Source: IMF – World Economic Outlook Database - October 2021.

Note: (e) Estimated Data

Monetary Indicators 20152016201820192020
Gambian Dalasi (GMD) - Average Annual Exchange Rate For 1 MUR

Source: World Bank - Latest available data.


Main Sectors of Industry

Breakdown of Economic Activity By Sector Agriculture Industry Services
Employment By Sector (in % of Total Employment) 48.5 7.4 44.1
Value Added (in % of GDP) 22.6 17.3 52.3
Value Added (Annual % Change) 6.1 5.6 2.8

Source: World Bank - Latest available data.


The Active Population in Figures

Labour Force 753,285777,591775,068

Source: International Labour Organization, ILOSTAT database

Total activity rate 60.53%60.55%60.54%
Men activity rate 69.21%69.12%69.00%
Women activity rate 52.23%52.34%52.45%

Source: International Labour Organization, ILOSTAT database


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Indicator of Economic Freedom


The Economic freedom index measure ten components of economic freedom, grouped into four broad categories or pillars of economic freedom: Rule of Law (property rights, freedom from corruption); Limited Government (fiscal freedom, government spending); Regulatory Efficiency (business freedom, labour freedom, monetary freedom); and Open Markets (trade freedom, investment freedom, financial freedom). Each of the freedoms within these four broad categories is individually scored on a scale of 0 to 100. A country’s overall economic freedom score is a simple average of its scores on the 10 individual freedoms.

World Rank:
Regional Rank:

Economic freedom in the world (interactive map)
Source: Index of Economic Freedom, Heritage Foundation


Country Risk

See the country risk analysis provided by Coface.


Indicator of Political Freedom


The Indicator of Political Freedom provides an annual evaluation of the state of freedom in a country as experienced by individuals. The survey measures freedom according to two broad categories: political rights and civil liberties. The ratings process is based on a checklist of 10 political rights questions (on Electoral Process, Political Pluralism and Participation, Functioning of Government) and 15 civil liberties questions (on Freedom of Expression, Belief, Associational and Organizational Rights, Rule of Law, Personal Autonomy and Individual Rights). Scores are awarded to each of these questions on a scale of 0 to 4, where a score of 0 represents the smallest degree and 4 the greatest degree of rights or liberties present. The total score awarded to the political rights and civil liberties checklist determines the political rights and civil liberties rating. Each rating of 1 through 7, with 1 representing the highest and 7 the lowest level of freedom, corresponds to a range of total scores.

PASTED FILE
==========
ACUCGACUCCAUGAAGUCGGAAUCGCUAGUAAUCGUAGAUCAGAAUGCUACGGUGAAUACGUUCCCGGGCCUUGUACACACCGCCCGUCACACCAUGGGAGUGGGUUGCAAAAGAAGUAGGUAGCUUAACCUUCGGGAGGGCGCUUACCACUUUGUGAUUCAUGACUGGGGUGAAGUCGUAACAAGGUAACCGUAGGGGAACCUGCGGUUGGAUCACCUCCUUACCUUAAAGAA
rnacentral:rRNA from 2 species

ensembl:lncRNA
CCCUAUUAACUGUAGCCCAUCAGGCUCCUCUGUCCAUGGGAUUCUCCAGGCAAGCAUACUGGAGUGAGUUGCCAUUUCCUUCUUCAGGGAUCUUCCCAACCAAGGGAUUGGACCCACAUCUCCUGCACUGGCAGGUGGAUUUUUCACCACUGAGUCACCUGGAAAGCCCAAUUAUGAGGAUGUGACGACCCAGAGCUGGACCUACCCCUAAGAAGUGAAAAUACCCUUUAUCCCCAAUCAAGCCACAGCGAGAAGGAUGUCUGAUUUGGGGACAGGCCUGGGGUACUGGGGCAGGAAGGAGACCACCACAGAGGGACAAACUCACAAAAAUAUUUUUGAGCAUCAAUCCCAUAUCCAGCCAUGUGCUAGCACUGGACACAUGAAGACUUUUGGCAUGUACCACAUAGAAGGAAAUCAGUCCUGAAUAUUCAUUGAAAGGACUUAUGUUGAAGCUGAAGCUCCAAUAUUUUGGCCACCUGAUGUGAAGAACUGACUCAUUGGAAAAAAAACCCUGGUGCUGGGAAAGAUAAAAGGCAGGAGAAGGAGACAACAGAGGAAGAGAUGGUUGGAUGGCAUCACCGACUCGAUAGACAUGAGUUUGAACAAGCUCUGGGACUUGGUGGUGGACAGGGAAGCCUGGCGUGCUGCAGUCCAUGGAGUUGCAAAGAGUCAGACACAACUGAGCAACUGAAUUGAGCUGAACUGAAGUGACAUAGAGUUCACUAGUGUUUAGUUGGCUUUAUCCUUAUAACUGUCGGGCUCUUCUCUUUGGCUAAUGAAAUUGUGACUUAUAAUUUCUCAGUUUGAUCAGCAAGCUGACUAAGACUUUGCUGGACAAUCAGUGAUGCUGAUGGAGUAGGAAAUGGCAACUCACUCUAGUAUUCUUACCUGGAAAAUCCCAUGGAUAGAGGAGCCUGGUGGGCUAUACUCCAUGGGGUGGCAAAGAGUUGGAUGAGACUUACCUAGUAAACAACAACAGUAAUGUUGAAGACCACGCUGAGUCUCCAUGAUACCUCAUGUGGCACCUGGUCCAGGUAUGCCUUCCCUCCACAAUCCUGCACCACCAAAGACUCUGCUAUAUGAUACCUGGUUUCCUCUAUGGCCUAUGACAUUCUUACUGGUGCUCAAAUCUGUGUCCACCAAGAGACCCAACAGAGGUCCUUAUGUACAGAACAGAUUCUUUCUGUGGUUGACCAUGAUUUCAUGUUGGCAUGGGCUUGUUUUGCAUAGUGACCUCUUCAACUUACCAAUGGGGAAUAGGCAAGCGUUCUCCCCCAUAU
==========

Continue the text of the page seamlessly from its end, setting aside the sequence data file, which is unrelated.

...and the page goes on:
Not Free
Political Freedom:

Political freedom in the world (interactive map)
Source: Freedom in the World Report, Freedom House


Indicator of Freedom of the Press


The world rankings, published annually, measures violations of press freedom worldwide. It reflects the degree of freedom enjoyed by journalists, the media and digital citizens of each country and the means used by states to respect and uphold this freedom. Finally, a note and a position are assigned to each country. To compile this index, Reporters Without Borders (RWB) prepared a questionnaire incorporating the main criteria (44 in total) to assess the situation of press freedom in a given country. This questionnaire was sent to partner organisations,150 RWB correspondents, journalists, researchers, jurists and human rights activists. It includes every kind of direct attacks against journalists and digital citizens (murders, imprisonment, assault, threats, etc.) or against the media (censorship, confiscation, searches and harassment etc.).

World Rank:

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Sources of General Economic Information

Useful Resources
Ministry of Finance and Economy
Ministry of Tourism and Culture
Ministry of Petroleum and Energy
Central Bank

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Latest Update: May 2024